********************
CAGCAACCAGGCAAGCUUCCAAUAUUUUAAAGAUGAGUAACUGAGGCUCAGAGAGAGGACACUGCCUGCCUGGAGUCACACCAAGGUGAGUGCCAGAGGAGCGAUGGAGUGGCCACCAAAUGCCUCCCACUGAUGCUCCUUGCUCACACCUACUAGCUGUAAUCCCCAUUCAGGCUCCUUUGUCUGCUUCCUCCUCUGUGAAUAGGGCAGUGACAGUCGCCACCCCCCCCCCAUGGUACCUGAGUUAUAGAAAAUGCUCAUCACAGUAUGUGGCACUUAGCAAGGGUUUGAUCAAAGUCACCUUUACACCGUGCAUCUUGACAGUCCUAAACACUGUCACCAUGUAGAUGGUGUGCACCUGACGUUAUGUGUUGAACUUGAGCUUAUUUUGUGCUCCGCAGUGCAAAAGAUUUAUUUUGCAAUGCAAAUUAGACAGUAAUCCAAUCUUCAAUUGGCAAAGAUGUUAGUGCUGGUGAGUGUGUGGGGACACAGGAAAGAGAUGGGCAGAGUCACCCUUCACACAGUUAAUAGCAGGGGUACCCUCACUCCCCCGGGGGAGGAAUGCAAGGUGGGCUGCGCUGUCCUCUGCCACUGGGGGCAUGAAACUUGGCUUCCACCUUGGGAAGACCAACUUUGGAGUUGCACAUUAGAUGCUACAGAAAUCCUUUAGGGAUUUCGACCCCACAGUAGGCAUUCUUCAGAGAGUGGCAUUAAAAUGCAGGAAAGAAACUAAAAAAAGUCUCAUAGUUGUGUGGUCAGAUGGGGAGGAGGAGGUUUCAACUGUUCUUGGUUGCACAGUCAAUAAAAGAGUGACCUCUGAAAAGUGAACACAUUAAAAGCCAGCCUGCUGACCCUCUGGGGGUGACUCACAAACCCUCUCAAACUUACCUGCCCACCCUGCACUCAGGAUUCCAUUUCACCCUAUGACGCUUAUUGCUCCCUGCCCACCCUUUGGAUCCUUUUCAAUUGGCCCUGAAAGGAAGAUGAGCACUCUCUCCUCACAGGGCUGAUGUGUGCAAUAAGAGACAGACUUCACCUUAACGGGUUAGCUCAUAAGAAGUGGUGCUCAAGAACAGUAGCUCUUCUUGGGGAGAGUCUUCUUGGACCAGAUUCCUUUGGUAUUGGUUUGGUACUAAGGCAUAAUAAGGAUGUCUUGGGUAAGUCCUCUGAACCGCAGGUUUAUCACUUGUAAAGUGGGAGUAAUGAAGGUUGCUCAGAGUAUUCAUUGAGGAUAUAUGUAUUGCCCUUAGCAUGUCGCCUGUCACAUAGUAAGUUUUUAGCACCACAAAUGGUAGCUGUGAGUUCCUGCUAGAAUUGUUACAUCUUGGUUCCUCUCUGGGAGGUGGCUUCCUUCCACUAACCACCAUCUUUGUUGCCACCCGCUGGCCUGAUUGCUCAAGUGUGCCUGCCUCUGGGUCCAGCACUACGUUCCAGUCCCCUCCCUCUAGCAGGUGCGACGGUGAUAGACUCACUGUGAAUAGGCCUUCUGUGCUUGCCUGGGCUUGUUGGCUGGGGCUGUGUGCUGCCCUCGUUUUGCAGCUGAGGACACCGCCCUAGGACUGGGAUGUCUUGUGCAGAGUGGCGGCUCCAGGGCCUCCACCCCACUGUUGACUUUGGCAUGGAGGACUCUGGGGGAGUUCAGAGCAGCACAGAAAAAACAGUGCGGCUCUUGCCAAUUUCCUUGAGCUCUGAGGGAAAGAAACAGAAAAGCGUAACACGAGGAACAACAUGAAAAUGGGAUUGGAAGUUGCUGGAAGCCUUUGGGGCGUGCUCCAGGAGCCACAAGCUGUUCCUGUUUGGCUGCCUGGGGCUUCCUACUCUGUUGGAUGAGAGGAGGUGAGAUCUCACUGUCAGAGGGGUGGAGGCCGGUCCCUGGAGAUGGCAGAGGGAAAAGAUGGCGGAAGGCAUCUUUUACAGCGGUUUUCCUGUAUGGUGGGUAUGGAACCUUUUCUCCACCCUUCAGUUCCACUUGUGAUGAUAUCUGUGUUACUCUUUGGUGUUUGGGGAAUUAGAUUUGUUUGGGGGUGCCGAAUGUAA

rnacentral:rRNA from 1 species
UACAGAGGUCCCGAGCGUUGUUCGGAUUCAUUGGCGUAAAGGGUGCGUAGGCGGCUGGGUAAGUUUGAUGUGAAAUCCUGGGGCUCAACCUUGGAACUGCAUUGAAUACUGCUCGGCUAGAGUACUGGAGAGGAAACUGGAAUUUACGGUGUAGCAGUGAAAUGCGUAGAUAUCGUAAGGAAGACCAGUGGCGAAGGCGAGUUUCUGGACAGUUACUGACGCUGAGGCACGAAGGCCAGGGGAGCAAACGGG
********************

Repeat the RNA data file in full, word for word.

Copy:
CAGCAACCAGGCAAGCUUCCAAUAUUUUAAAGAUGAGUAACUGAGGCUCAGAGAGAGGACACUGCCUGCCUGGAGUCACACCAAGGUGAGUGCCAGAGGAGCGAUGGAGUGGCCACCAAAUGCCUCCCACUGAUGCUCCUUGCUCACACCUACUAGCUGUAAUCCCCAUUCAGGCUCCUUUGUCUGCUUCCUCCUCUGUGAAUAGGGCAGUGACAGUCGCCACCCCCCCCCCAUGGUACCUGAGUUAUAGAAAAUGCUCAUCACAGUAUGUGGCACUUAGCAAGGGUUUGAUCAAAGUCACCUUUACACCGUGCAUCUUGACAGUCCUAAACACUGUCACCAUGUAGAUGGUGUGCACCUGACGUUAUGUGUUGAACUUGAGCUUAUUUUGUGCUCCGCAGUGCAAAAGAUUUAUUUUGCAAUGCAAAUUAGACAGUAAUCCAAUCUUCAAUUGGCAAAGAUGUUAGUGCUGGUGAGUGUGUGGGGACACAGGAAAGAGAUGGGCAGAGUCACCCUUCACACAGUUAAUAGCAGGGGUACCCUCACUCCCCCGGGGGAGGAAUGCAAGGUGGGCUGCGCUGUCCUCUGCCACUGGGGGCAUGAAACUUGGCUUCCACCUUGGGAAGACCAACUUUGGAGUUGCACAUUAGAUGCUACAGAAAUCCUUUAGGGAUUUCGACCCCACAGUAGGCAUUCUUCAGAGAGUGGCAUUAAAAUGCAGGAAAGAAACUAAAAAAAGUCUCAUAGUUGUGUGGUCAGAUGGGGAGGAGGAGGUUUCAACUGUUCUUGGUUGCACAGUCAAUAAAAGAGUGACCUCUGAAAAGUGAACACAUUAAAAGCCAGCCUGCUGACCCUCUGGGGGUGACUCACAAACCCUCUCAAACUUACCUGCCCACCCUGCACUCAGGAUUCCAUUUCACCCUAUGACGCUUAUUGCUCCCUGCCCACCCUUUGGAUCCUUUUCAAUUGGCCCUGAAAGGAAGAUGAGCACUCUCUCCUCACAGGGCUGAUGUGUGCAAUAAGAGACAGACUUCACCUUAACGGGUUAGCUCAUAAGAAGUGGUGCUCAAGAACAGUAGCUCUUCUUGGGGAGAGUCUUCUUGGACCAGAUUCCUUUGGUAUUGGUUUGGUACUAAGGCAUAAUAAGGAUGUCUUGGGUAAGUCCUCUGAACCGCAGGUUUAUCACUUGUAAAGUGGGAGUAAUGAAGGUUGCUCAGAGUAUUCAUUGAGGAUAUAUGUAUUGCCCUUAGCAUGUCGCCUGUCACAUAGUAAGUUUUUAGCACCACAAAUGGUAGCUGUGAGUUCCUGCUAGAAUUGUUACAUCUUGGUUCCUCUCUGGGAGGUGGCUUCCUUCCACUAACCACCAUCUUUGUUGCCACCCGCUGGCCUGAUUGCUCAAGUGUGCCUGCCUCUGGGUCCAGCACUACGUUCCAGUCCCCUCCCUCUAGCAGGUGCGACGGUGAUAGACUCACUGUGAAUAGGCCUUCUGUGCUUGCCUGGGCUUGUUGGCUGGGGCUGUGUGCUGCCCUCGUUUUGCAGCUGAGGACACCGCCCUAGGACUGGGAUGUCUUGUGCAGAGUGGCGGCUCCAGGGCCUCCACCCCACUGUUGACUUUGGCAUGGAGGACUCUGGGGGAGUUCAGAGCAGCACAGAAAAAACAGUGCGGCUCUUGCCAAUUUCCUUGAGCUCUGAGGGAAAGAAACAGAAAAGCGUAACACGAGGAACAACAUGAAAAUGGGAUUGGAAGUUGCUGGAAGCCUUUGGGGCGUGCUCCAGGAGCCACAAGCUGUUCCUGUUUGGCUGCCUGGGGCUUCCUACUCUGUUGGAUGAGAGGAGGUGAGAUCUCACUGUCAGAGGGGUGGAGGCCGGUCCCUGGAGAUGGCAGAGGGAAAAGAUGGCGGAAGGCAUCUUUUACAGCGGUUUUCCUGUAUGGUGGGUAUGGAACCUUUUCUCCACCCUUCAGUUCCACUUGUGAUGAUAUCUGUGUUACUCUUUGGUGUUUGGGGAAUUAGAUUUGUUUGGGGGUGCCGAAUGUAA

rnacentral:rRNA from 1 species
UACAGAGGUCCCGAGCGUUGUUCGGAUUCAUUGGCGUAAAGGGUGCGUAGGCGGCUGGGUAAGUUUGAUGUGAAAUCCUGGGGCUCAACCUUGGAACUGCAUUGAAUACUGCUCGGCUAGAGUACUGGAGAGGAAACUGGAAUUUACGGUGUAGCAGUGAAAUGCGUAGAUAUCGUAAGGAAGACCAGUGGCGAAGGCGAGUUUCUGGACAGUUACUGACGCUGAGGCACGAAGGCCAGGGGAGCAAACGGG